Figure 2: Radial distributions in the transverse plane with and GeV for an unpolarized quark in an unpolarized proton. Solid curve corresponds to half of the up quark distribution. Dashed curve corresponds to the down quark distribution.

The up quark distribution has been divided by two for comparison with the down quark distribution. Up quarks appear to be more concentrated around the center than down quarks. For a neutron, we just have to exchange up and down quarks. We can therefore see that the center of the neutron is negative, in agreement with the conclusion obtained using the phenomenological neutron FFs.

6 Summary

The standard interpretation of FFs in the Breit frame is not fully consistent with the principles of quantum mechanics and relativity. However, a probabilistic/charge-density interpretation is available in a frame where the target is moving with almost the speed of light. It then turns out that FFs describe the distribution of quark in the transverse plane. While this distribution is axially symmetric for a longitudinally polarized target, multipoles appear when the target is transversely polarized. This distortion comes from the intrinsic orbital angular momentum and hence the composite nature of the target. This observation allowed us to derive the natural EM moments characterizing the interaction of any structureless particle with the electromagnetic field. We also tried to interpret the Generalized Polarizabilities in a light-front frame based on the VCS process in the low-energy limit. It appeared that only three combinations out of six GPs can be mapped out. Finally, we discussed briefly phase-space (Wigner) distribution using constituent quark models. Non-trivial pattern have been obtained and interpreted semi-classically as related to orbital angular momentum.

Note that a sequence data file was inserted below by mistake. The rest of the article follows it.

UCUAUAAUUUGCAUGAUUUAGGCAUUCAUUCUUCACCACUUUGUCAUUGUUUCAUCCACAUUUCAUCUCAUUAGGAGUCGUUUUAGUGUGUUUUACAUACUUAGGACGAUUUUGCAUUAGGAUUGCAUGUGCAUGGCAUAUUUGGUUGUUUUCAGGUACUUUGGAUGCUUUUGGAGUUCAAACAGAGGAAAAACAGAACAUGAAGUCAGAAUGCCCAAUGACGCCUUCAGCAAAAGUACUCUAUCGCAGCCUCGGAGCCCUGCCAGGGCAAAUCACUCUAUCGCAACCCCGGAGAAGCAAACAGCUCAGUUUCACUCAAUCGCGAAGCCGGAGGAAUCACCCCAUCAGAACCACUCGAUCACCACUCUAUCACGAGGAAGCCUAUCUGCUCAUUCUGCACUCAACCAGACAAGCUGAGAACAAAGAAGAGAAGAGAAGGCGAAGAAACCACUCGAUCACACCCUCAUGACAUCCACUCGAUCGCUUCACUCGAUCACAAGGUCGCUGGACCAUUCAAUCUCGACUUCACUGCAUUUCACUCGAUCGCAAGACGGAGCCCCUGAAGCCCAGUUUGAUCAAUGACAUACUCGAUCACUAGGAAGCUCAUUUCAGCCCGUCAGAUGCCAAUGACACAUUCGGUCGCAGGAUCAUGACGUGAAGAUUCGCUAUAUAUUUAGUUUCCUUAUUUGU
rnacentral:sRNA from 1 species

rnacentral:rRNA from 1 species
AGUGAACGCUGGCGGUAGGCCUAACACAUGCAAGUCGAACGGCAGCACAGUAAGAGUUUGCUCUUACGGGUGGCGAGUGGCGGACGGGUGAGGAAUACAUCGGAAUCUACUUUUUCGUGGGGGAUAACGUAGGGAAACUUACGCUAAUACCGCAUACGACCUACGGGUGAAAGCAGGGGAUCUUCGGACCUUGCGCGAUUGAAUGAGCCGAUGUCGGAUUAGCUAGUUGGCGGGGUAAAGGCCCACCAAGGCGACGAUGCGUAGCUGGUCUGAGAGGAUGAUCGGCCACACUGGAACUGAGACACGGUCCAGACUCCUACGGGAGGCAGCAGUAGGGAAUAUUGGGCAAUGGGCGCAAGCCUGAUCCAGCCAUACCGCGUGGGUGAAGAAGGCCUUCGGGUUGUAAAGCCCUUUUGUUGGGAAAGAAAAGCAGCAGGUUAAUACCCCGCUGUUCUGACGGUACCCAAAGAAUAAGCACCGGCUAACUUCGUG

This work was supported in part by the Research Infrastructure Integrating Activity “Study of Strongly Interacting Matter” (acronym HadronPhysics2, Grant Agreement n. 227431) under the Seventh Framework Programme of the European Community, by the Italian MIUR through the PRIN 2008EKLACK “Structure of the nucleon: transverse momentum, transverse spin and orbital angular momentum”.